Volcano Mulching

Volcano Mulching

“Volcano mulching” is a term used to describe a detrimental mulching practice where a large mound of mulch is piled up around the base of a tree or plant, resembling a volcano. This mound can sometimes reach a foot or more in height.

This practice is not recommended and can have negative effects on the health of plants and trees. It can cause excess moisture to build up at the base of the trunk, which can lead to rot or infestation. It can also encourage roots to grow into the mulch, instead of spreading outwards which gives the tree its ability to keep itself stablized during storms. 

Once you start to notice volcano mulching you’ll see it everywhere in commercial landscaping and the yards of well-meaning homeowners. Below is more information to help you keep your trees healhty. 

How to Avoid Volcano Mulching

  1. Create a Mulch Donut: Spread a layer of mulch in a donut shape around the base of the plant, leaving a gap of a few inches between the mulch and the trunk or stem.
  2. Apply the Right Amount: Apply a layer of mulch that is 2-4 inches deep. Avoid excessive mulch that can suffocate the plant.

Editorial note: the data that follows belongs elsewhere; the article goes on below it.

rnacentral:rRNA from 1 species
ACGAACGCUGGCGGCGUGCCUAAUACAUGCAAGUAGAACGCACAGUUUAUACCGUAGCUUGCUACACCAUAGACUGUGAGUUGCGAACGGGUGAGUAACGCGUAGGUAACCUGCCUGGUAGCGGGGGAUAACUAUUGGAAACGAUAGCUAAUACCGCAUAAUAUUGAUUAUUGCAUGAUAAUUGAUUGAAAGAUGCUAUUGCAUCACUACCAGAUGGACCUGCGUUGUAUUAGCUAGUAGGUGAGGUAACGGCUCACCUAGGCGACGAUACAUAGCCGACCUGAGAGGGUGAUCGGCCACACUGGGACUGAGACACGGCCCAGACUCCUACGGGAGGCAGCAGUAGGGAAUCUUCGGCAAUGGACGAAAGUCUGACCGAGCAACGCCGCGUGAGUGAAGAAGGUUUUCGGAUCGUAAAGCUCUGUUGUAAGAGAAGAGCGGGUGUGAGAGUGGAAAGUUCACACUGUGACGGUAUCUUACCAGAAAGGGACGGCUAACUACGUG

3. Keep Mulch Away from Trunk: Maintain a clear area around the base of the plant to prevent moisture buildup and discourage pests.
  4. Choose the Right Mulch: Use organic mulch materials like wood chips, straw, or compost. Avoid using plastic or synthetic mulches that don’t break down and can trap moisture.
  5. Monitor Plant Health: Regularly inspect your plants for signs of stress, disease, or pests, and adjust your mulching practices accordingly.


Notice the donut shape of the mulch in this photo. The base of the trunk is visible and you can see where the trunk enters the ground. The root collar is where the first root shoots out from the trunk. Remember this flare should sit above ground- prefereable 1 -3 inches above the level of the dirt. Creating a mulch donut with room around the base of the tree should reveal the flare of the root collar.

Get a refresher on planting trees here.